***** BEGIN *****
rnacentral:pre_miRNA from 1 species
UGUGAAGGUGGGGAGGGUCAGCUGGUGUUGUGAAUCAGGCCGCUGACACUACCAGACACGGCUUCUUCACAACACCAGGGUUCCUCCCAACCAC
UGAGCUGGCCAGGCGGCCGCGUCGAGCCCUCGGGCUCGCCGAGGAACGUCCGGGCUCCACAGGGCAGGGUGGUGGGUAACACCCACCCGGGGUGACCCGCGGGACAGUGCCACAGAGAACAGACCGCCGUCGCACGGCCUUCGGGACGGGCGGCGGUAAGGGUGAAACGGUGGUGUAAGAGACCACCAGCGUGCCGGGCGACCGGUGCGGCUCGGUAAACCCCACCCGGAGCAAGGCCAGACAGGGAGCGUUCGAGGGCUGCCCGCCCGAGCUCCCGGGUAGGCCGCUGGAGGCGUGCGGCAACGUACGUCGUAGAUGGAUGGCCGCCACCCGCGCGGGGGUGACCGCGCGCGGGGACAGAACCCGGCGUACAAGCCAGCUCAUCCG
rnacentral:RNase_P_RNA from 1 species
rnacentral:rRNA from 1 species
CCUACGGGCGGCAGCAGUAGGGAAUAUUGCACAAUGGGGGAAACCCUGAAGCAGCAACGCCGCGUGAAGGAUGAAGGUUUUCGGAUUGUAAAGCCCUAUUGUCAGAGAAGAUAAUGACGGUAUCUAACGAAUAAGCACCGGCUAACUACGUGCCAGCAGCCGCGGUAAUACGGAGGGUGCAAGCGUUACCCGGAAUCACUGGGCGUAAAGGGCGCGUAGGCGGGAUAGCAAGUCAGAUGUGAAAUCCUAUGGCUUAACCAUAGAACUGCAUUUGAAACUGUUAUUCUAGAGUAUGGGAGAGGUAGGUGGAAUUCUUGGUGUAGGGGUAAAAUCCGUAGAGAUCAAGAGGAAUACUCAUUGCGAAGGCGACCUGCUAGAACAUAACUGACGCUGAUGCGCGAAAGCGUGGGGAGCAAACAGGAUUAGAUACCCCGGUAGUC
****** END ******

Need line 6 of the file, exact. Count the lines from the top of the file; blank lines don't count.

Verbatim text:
CCUACGGGCGGCAGCAGUAGGGAAUAUUGCACAAUGGGGGAAACCCUGAAGCAGCAACGCCGCGUGAAGGAUGAAGGUUUUCGGAUUGUAAAGCCCUAUUGUCAGAGAAGAUAAUGACGGUAUCUAACGAAUAAGCACCGGCUAACUACGUGCCAGCAGCCGCGGUAAUACGGAGGGUGCAAGCGUUACCCGGAAUCACUGGGCGUAAAGGGCGCGUAGGCGGGAUAGCAAGUCAGAUGUGAAAUCCUAUGGCUUAACCAUAGAACUGCAUUUGAAACUGUUAUUCUAGAGUAUGGGAGAGGUAGGUGGAAUUCUUGGUGUAGGGGUAAAAUCCGUAGAGAUCAAGAGGAAUACUCAUUGCGAAGGCGACCUGCUAGAACAUAACUGACGCUGAUGCGCGAAAGCGUGGGGAGCAAACAGGAUUAGAUACCCCGGUAGUC